"The defendant, R. T. Heaton, is a lumberman, engaged in business in Greene county, Tenn., having a lumber manufacturing plant and various men in his employ. The defendant owned no pistol and had no weapon of his own. On the morning of the difficulty, a boy, who was in his employ, came into his office intoxicated, with a pistol in his possession, and Heaton, fearing that the boy might get into trouble, took the pistol and dropped it in a laundry bag hanging on the side wall of his office, intending to leave it there until the boy sobered up and then turn it over to him. On the evening of that day a difficulty occurred between Eb. Cutshall and the defendant. Cutshall had a contract for logging for Heaton and had quit work, stopping Heaton's mill and stopping his other hands from work. Cutshall came into Heaton's office where some of the other hands were, such other hands having come there for the purpose of asking Heaton whether they should return to work on the morrow. At this point, Eb. Cutshall passed the office with his father, his brother, and his cousin. Cutshall was a very strong and powerful mountain man, being six feet and two inches tall, and weighing about 190 pounds. He came into Heaton's office, and Heaton asked him if he was going to tram logs to the mill on the following day; that the hands were there and wanted to know whether they should come back to work. Cutshall refused to give any definite answer to this question, and a controversy arose between himself and Heaton, in which Cutshall called Heaton a damned liar and used other opprobrious epithets. Heaton rose and told him to leave his office, whereupon Cutshall seized Heaton by both arms and jerked him out of the house and threw him across the road and across the coupling pole of a wagon. He went over to Heaton and jerked him up and again knocked him down. Heaton attempted to get back into his office, and Cutshall again struck him and knocked him down by the side of the door. Some of the bystanders were trying to get Cutshall to stop, and Heaton got into the door of the office and ran to the laundry bag and snatched out the pistol, which he had taken from the boy that morning and placed in the bag, and turned and came toward the door of his office. When he got near the door, he saw Cutshall coming into the office door, cursing and uttering threats, and just as he, Cutshall, was stepping in the door Heaton fired two shots at Cutshall. The first shot inflicted a slight flesh wound in Cutshall's arm. As the second shot was fired, one of the bystanders struck down the pistol and the bullet entered the floor. Just as Cutshall was entering the house, and immediately before Heaton fired, the situation was sufficiently threatening that one of the hands, John Payne, who was one of the bystanders, said to Heaton that they were bunching on him, and that he had better shoot. At that time, Cutshall's father and brother were near to and immediately behind him, and the brother had an open knife in his hand. Defendant, Heaton, was very much intoxicated at that time.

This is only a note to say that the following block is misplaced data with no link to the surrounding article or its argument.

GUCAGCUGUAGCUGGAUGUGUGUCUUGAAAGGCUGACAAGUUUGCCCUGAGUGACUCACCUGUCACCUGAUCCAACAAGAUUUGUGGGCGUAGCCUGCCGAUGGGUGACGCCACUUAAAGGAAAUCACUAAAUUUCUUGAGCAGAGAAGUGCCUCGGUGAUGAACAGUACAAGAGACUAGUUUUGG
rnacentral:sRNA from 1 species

"After the second shot, some of the bystanders took the pistol away from Heaton, and thereupon the brother of Eb. Cutshall forced his way into the office with an open knife, and attempted to assault Heaton with it, but was prevented by some of those present.

"All the Cutshalls were proven to be fighting (p.751)characters and dangerous men. Heaton did not conceal the pistol or have it other than open in his hand; but it was not an army or navy pistol, being a cheap 32 caliber revolver. The circumstances of the affray happened as rapidly as possible, and Heaton had the pistol no longer than it was possible for him to get it out and turn to the door and fire the shots.